In a casual one-liner last week, I lamented the receipt of a parking ticket but was relieved it was only for 63 bucks. Maybe a full explanation of the circumstances will serve as a reminder that you shouldn’t try to beat the system and another example of CR2S inadvertently adding to an ever-lengthening string of mortifying moments. The back story:
My latest doctor’s office is located on Wilshire Boulevard. [Aren’t they all?] This one is in faraway Santa Monica. Always an early bird, I make time to cruise around looking for street parking. I make all of my appointments for late morning, noonish, better to avoid potential traffic jams. I’m not about to stroll a long distance to save a few bucks but anything within reason makes sense when medical building parking is $9.
Voila! As if by magic there is a single spot open right off Wilshire. I make a quick U-turn and can’t stop a smile from becoming a smirk. Small pleasures for small minds. It’s like passing a freeway speeder after he gets stuck in the fast lane. Adding to the pleasure is hanging a blue placard to complete the perfect scenario. Ninety minutes later the dreaded ticket and its convenient (unstamped) envelope is seen fluttering under the windshield wiper.
Once seated in the car, chagrined rather than ticked off, I glance at the meter for the first time. On the stanchion is an easily seen metal sign signifying Tuesdays, 12 noon to 1 p.m., is no parking due to street cleaning. Of all the spaces, it’s the only one with such a limitation. Now I’m PO’d! The city of SaMo is to be congratulated for outlawing plastic bags, to be sure, but to set aside one single meter for a street sweeper? For only an hour? I call it entrapment. Maybe city fathers are confusing circumscribe with circumcision. Whatever. In an effort to save a lousy nine bucks, I’m out sixty-three. According to my math I’ll have to park on the street seven times in order to break even.
If my (current #11) doctor lasts that long, I’ll have a shot at it. I have my doubts, but you never know. Whenever a procedure is in order he schedules me for a 5:30 appointment in Westwood. That’s not p.m., folks, that’s when the rooster cockadoodledoos! Have you ever heard of such an appointment time? A minor consolation is the total lack of traffic on the Santa Monica Freeway at 5 o’clock in the a.m.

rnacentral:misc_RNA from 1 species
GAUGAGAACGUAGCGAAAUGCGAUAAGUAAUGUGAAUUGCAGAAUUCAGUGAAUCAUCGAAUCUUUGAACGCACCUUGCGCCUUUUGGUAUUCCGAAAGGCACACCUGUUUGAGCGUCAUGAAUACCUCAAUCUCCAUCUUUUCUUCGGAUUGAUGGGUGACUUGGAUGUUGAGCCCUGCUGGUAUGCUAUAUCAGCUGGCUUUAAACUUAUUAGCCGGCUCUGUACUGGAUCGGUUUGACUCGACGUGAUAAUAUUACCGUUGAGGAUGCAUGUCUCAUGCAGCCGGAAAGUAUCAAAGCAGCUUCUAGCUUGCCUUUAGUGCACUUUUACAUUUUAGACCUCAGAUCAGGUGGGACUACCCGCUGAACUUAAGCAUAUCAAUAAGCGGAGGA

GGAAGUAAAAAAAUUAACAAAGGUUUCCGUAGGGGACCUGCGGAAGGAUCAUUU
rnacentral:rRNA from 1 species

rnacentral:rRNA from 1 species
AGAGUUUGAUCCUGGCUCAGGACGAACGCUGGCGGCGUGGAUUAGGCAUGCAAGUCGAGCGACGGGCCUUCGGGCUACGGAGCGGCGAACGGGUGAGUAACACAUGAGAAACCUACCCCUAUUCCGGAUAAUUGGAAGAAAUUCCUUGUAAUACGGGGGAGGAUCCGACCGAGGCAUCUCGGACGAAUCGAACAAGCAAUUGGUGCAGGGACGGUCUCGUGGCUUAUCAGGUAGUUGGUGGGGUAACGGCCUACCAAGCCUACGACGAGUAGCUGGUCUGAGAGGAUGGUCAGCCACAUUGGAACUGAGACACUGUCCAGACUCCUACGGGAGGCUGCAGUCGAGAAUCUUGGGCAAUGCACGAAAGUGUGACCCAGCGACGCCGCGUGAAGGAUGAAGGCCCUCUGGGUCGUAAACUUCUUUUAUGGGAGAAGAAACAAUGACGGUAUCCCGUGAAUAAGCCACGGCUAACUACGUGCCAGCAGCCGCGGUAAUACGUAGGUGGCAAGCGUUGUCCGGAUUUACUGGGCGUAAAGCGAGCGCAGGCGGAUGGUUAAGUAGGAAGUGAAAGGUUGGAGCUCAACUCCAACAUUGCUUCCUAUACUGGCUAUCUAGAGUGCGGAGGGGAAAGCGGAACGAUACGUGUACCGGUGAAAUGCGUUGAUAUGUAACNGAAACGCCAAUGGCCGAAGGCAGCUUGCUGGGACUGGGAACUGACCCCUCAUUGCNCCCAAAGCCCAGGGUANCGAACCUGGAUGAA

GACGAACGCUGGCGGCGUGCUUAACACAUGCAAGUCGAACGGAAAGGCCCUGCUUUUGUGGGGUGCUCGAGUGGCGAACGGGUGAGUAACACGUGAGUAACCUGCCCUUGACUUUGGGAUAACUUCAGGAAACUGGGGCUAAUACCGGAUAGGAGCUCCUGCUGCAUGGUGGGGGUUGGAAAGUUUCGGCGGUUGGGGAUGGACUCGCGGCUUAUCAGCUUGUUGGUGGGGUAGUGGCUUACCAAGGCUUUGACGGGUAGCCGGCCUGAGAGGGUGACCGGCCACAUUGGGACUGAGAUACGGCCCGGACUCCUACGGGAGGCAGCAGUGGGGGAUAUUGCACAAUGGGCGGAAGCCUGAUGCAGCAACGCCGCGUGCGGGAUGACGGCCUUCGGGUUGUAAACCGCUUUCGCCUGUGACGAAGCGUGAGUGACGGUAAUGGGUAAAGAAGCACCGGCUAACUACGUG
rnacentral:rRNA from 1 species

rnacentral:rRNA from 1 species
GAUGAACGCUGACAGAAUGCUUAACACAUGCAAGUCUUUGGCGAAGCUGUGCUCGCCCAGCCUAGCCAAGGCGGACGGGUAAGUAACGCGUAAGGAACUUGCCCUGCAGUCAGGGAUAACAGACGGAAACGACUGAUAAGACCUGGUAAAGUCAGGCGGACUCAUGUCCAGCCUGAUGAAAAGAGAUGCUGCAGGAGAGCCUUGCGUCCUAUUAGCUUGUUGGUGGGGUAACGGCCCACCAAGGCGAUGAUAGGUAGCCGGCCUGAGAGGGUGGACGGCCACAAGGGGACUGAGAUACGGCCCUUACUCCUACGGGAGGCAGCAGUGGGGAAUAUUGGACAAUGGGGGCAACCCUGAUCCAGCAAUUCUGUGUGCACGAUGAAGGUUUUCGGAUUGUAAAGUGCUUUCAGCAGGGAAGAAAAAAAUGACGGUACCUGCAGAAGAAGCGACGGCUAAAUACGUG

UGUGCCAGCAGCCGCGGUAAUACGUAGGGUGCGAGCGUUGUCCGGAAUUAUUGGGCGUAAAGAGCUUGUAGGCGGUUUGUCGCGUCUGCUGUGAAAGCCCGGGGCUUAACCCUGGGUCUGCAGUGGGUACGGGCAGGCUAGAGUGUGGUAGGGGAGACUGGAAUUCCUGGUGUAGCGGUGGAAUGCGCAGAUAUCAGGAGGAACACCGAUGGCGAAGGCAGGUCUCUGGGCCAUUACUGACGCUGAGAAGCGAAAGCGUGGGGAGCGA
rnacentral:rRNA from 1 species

Howard Nishimura is a long-time Li’l Tokyo businessman-activist. Now he has the honor of joining yours truly in a rather dubious category: an innocent, unsuspecting victim of the “I’ve been robbed” email scam.
Over the weekend I received an urgent message, purportedly from the CPA traveling in Europe, that he had been the victim of a robbery. Now he was without funds, passport, luggage, in dire need of cash — a loan — to tide him over until returning home.
It seems like eons ago but a quick check of past columns reveals my hacking experience was a mere 16 months ago. It took four days to clean up my computer, getting rid of a fake Yahoo account that made the swindle attempt possible and returning everything and everybody back to normal. The 90 or so recipients of the bogus call for help reached from Los Angeles to Japan, requiring numerous telephone calls to clear the air. As far as Nishimura’s plight is concerned, I emailed a facetious message of anxiety to a mutual friend yesterday and have yet to receive an update or a “har-har-har” response as this is being written. [Sudden Thought Department: What if, perchance, Howard really was mugged in Spain? Nah, Thailand maybe, but not Espana.] I can’t help but wonder how many of these pathetic attempts to bamboozle really work. In my case, one concerned individual actually responded to the plea and received instructions on how to relay the needed ($3,200) funds.
Belated kudos to Martha Nakagawa for her well-researched biography of Rose Ochi in the Rafu’s special graduation edition. The epitome of an unselfish public servant, Ochi has been a prime mover for almost a half-century in local, state and national affairs; a gadfly par excellence without being overbearing or demanding recognition. If there is ever to be a select list of 100 most prominent Nisei, CR2S would rank her high, female or male. For the sake of argument, let’s nominate her for the Top 20. [And for what it’s worth, Nakagawa’s narrative is the type of story that automatically should be translated for the Rafu Japanese Section.]
W.T. Wimpy Hiroto can be reached at [email protected] Opinions expressed in this column are not necessarily those of The Rafu Shimpo.